The industrial relations Omnibus Bill passed earlier this year will be felt by casual workers nationwide, after the Fair Work Commission (FWC) adopted it.
Setting out a definition of casual work, a key feature of the Bill formalised the relationship between employers and staff and the obligations of each under it.
Ostensibly the measure was intended to provide a pathway for casual workers to become permanent staff after 12 months, earning the relevant work rights to leave and other conditions in doing so.
On Tuesday however, the unions launched another broadside against the Morrison government, claiming the changes had actually weakened the position of Australian casuals.
Affecting 13 awards from building and construction to manufacturing, the Australian Council of Trade Unions (ACTU) said the new work definition would actually delay the move into permanent work from six to 12 months.
“This decision, which flows directly from the IR Omnibus Bill, is a huge blow for the rights of casual workers,” ACTU secretary Sally McManus said. “The Morrison Government is eroding workers’ rights, and making work more insecure, award by award.”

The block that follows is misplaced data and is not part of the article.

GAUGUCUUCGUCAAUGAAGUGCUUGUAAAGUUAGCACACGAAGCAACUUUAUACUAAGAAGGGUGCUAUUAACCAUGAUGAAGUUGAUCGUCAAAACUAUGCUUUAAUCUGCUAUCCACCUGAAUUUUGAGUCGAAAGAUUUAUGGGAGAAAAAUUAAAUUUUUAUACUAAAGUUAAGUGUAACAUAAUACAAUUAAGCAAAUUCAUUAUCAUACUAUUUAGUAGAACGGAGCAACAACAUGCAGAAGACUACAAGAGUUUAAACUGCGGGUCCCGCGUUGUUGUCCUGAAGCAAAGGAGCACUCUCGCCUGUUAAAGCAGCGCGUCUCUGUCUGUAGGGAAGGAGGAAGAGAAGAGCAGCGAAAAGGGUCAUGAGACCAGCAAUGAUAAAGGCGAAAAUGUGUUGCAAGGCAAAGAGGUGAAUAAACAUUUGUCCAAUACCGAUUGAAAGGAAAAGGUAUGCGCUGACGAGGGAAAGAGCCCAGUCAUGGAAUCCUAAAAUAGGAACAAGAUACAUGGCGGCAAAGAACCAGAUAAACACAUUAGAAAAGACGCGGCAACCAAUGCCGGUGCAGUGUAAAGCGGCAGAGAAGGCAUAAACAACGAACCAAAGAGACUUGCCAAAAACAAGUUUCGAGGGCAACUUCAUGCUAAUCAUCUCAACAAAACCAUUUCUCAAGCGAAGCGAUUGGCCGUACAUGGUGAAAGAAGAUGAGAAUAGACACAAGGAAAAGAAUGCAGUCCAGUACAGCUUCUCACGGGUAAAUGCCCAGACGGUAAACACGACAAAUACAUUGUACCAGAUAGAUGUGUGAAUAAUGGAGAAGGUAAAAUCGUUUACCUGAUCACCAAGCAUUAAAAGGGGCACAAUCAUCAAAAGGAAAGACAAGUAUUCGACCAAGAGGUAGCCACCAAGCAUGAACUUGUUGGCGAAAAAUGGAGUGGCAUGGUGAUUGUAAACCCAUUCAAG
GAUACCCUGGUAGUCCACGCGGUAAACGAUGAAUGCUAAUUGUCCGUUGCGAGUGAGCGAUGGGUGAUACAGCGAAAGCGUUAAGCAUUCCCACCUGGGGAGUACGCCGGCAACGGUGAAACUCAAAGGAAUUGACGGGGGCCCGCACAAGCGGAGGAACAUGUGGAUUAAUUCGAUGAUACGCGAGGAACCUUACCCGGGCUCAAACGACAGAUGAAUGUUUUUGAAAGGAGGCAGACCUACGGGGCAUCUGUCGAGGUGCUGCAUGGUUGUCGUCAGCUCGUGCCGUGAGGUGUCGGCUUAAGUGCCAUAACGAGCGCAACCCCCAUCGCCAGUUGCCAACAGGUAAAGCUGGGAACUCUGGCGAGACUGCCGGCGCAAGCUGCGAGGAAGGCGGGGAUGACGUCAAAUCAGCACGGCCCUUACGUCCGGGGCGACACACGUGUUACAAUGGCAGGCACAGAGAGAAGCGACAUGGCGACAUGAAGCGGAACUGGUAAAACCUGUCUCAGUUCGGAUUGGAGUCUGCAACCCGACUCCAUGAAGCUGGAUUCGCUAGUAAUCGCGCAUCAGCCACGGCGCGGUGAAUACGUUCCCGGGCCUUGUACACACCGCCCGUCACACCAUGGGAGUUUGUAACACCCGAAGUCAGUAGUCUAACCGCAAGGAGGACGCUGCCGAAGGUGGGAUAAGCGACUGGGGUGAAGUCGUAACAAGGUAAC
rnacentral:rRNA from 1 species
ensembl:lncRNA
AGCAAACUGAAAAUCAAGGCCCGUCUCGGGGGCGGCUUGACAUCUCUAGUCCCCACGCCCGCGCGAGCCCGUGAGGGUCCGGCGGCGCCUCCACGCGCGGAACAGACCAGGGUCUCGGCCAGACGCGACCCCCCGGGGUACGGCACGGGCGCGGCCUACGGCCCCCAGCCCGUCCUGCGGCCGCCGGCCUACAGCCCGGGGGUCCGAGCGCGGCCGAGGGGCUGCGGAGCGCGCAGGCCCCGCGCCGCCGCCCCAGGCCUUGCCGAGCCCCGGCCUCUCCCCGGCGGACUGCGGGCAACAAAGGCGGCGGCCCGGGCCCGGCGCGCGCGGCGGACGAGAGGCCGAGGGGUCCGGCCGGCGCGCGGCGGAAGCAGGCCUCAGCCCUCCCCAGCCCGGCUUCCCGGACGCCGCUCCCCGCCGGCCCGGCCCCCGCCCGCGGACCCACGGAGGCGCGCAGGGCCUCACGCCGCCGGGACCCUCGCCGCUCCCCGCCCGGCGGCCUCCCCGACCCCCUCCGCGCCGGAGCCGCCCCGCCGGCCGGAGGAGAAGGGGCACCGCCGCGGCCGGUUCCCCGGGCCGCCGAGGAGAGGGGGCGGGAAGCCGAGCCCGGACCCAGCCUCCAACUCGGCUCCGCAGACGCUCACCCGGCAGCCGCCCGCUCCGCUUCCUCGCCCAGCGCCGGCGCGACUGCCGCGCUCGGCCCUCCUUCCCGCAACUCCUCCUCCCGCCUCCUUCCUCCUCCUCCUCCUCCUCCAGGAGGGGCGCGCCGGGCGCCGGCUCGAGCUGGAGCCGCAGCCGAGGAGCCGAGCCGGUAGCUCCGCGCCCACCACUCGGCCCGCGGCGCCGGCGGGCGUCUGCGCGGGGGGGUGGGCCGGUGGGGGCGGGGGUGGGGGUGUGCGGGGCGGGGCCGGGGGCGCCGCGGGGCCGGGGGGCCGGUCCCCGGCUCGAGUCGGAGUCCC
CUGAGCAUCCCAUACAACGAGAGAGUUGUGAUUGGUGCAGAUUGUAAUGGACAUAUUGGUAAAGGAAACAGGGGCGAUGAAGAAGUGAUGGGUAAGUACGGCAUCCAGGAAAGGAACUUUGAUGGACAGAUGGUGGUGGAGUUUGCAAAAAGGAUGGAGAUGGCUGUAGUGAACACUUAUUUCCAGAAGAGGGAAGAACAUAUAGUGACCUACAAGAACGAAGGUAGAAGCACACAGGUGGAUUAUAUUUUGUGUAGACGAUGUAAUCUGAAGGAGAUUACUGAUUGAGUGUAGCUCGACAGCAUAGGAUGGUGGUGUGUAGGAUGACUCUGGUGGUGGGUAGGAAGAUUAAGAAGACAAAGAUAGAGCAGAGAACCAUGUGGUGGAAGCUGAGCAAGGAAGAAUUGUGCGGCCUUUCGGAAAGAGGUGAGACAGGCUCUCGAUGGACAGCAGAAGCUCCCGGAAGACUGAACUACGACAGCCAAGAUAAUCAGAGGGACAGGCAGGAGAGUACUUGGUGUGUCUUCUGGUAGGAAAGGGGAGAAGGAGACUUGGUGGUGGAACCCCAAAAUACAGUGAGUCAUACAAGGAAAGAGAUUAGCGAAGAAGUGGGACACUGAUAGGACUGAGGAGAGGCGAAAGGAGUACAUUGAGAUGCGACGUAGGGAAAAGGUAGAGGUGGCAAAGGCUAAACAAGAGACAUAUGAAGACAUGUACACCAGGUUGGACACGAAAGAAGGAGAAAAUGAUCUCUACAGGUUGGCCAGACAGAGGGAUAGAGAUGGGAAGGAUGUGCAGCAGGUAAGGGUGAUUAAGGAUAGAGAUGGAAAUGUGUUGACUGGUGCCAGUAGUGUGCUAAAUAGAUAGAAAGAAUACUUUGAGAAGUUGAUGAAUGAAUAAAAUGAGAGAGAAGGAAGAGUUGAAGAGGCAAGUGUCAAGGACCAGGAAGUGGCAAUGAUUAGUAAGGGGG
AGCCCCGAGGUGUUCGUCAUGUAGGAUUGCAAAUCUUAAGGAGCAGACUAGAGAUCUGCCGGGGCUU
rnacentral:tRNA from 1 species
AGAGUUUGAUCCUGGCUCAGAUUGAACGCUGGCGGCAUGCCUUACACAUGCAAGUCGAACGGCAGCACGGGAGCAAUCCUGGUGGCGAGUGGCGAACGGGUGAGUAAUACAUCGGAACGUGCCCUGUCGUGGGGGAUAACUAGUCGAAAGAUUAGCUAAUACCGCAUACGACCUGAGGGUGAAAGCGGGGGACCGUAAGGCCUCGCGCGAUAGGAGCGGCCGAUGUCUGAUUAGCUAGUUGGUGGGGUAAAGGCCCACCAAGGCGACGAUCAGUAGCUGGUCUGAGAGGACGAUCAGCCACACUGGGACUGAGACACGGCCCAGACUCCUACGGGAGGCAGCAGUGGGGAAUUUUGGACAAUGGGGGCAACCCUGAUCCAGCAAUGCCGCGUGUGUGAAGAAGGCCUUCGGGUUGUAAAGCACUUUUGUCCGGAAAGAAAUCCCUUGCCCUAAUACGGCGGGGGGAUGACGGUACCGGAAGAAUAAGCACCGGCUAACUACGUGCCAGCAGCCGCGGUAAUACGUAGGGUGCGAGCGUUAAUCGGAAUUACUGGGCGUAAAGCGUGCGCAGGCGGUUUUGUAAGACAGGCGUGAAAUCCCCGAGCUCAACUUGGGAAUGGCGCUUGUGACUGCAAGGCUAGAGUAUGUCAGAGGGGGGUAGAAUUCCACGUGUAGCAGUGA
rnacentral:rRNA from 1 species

Specifically, the changes place greater emphasis on contracts rather than the nature of the work itself.
“Under these new rules it doesn’t matter if a worker under those awards does regular hours, has rosters that can stretch for up to a year, and has been with the company for months and months, they can still be simply deemed a casual by their boss,” McManus said.
At the end of the 12 months, employers retain the right to refuse permanent work to an employee under “reasonable business ground”, a provision that some legal experts say will be subject to dispute. Staff may also reject an offer should they choose.
The impact will be one of the first to be felt by workers from the Morrison government’s tilt at industrial relations reform. The Omnibus Bill titled ‘Supporting Australia’s Jobs and Economic Recovery’, had been a major part of that push, initially identifying five different areas in need of an update.
Yet the changes to casual work was one of the few left standing by the time the Bill passed through Parliament.
Other proposals, including changes to awards and enterprise bargaining, were eventually dropped as the government’s appetite for major reform wavered.